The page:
Sourcing valuable customer reviews for a product can be challenging. Get the timing, channel or message wrong, and you run the risk of getting undifferentiated or unhelpful feedback or no feedback at all.
Take advantage of these five tips, and you’ll have a better chance of collecting more reviews and worthwhile feedback.
Tip No. 1: Target the right customers
Before you set out to collect reviews, take a second. What do you want to know and what are you going to use this feedback for? You, of course, want to know how your consumers feel about your products. But you should go beyond that and finalize the goals this feedback will help you achieve. That will also help you better understand who to approach and ask to review your products.
For example, IT professionals who use your product might not know about the various features, but they can speak to your customer service and implementation process. It’s a good idea to consider what kind of feedback you’re looking for and what type of customer will be able to provide it before setting out to collect reviews.
What will you do with this information once you get it? That brings us to the next tip.
Tip No. 2: Ask questions with a purpose
Once you know what you’re looking for in your feedback, you can ask your buyers more specific questions.
Avoid asking broad questions that yield broad results and may cause additional steps as you try to sift through information to get what’s actually relevant. You also don’t want to alienate the consumer and make them feel like their time is being wasted. Oracle’s Shawn Myers told attendees at Gartner Marketing Symposium/XpoTM that 73% of U.S. adults online say that valuing their time is the most important thing a company can do to provide a good online customer experience.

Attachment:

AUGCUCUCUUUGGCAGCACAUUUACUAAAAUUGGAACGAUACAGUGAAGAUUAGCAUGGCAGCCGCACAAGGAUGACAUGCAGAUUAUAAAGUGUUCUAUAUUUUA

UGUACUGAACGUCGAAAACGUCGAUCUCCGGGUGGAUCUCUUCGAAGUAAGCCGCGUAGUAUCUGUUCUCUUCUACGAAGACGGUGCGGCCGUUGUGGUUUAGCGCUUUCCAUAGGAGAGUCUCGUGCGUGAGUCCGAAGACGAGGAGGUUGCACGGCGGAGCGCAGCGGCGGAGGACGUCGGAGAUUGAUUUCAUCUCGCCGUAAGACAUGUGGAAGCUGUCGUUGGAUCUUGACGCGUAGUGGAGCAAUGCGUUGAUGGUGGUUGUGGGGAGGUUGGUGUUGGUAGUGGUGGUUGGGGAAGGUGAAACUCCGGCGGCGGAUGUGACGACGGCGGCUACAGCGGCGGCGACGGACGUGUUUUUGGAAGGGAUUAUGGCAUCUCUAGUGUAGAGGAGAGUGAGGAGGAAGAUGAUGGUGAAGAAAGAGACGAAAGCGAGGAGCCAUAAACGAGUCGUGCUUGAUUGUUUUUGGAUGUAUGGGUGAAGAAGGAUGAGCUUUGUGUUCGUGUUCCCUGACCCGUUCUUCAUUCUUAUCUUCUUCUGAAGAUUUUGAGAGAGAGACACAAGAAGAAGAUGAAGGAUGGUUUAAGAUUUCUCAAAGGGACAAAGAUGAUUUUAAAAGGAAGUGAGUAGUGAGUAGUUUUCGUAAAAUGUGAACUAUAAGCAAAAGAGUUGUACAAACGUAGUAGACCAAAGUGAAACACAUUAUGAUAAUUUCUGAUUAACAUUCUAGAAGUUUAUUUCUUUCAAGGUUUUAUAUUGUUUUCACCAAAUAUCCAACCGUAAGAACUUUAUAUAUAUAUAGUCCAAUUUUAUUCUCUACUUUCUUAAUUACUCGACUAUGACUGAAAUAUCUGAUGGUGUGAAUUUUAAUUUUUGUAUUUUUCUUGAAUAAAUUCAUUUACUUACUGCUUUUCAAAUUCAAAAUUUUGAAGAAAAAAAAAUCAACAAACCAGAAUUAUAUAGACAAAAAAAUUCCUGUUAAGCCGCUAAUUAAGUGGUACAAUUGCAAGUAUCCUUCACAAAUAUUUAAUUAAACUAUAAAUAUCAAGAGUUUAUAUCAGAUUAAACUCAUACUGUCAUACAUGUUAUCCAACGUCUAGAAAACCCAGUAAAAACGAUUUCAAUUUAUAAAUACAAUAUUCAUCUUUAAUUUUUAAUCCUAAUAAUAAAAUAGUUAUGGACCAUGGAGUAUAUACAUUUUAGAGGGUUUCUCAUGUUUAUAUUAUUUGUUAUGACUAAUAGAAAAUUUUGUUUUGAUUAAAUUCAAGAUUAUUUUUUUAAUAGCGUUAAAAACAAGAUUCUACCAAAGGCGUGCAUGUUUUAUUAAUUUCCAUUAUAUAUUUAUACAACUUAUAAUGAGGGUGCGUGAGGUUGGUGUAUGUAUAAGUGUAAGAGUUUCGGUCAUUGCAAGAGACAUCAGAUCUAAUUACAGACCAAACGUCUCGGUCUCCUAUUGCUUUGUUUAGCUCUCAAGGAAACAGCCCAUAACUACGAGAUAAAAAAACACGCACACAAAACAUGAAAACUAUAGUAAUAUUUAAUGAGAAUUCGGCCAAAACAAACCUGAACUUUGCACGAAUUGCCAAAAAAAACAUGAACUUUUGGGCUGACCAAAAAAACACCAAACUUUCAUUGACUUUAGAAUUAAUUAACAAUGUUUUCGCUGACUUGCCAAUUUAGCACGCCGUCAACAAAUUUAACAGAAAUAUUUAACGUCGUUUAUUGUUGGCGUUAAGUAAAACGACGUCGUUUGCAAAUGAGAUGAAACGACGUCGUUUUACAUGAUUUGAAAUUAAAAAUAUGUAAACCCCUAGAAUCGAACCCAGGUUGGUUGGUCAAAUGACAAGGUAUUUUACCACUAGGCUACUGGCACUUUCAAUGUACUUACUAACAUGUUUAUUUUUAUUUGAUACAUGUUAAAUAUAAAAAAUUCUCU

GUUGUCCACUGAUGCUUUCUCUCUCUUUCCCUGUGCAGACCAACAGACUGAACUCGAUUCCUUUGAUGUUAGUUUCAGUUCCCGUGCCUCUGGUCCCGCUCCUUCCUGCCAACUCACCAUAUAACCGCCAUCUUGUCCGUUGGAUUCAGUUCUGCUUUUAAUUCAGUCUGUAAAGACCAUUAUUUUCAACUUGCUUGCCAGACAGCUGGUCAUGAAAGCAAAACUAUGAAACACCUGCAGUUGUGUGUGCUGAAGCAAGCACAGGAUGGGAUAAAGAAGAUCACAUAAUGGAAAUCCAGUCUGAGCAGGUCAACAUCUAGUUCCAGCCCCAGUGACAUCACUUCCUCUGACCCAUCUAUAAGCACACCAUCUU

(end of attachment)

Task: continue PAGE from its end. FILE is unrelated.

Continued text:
Asking pointed questions with a purpose is beneficial to both you and your consumers, and builds your relationship with each other. But where do you direct these questions?
Tip No. 3: Determine the efficacy of different channels for collecting customer feedback
Search is the most frequently used digital channel along the entire B2B buying journey, says Gartner (full report available to Gartner clients), as it plays a dominant role in the early, middle and late stages of the purchase process. Take a look at this example breakdown of site traffic in B2B manufacturing: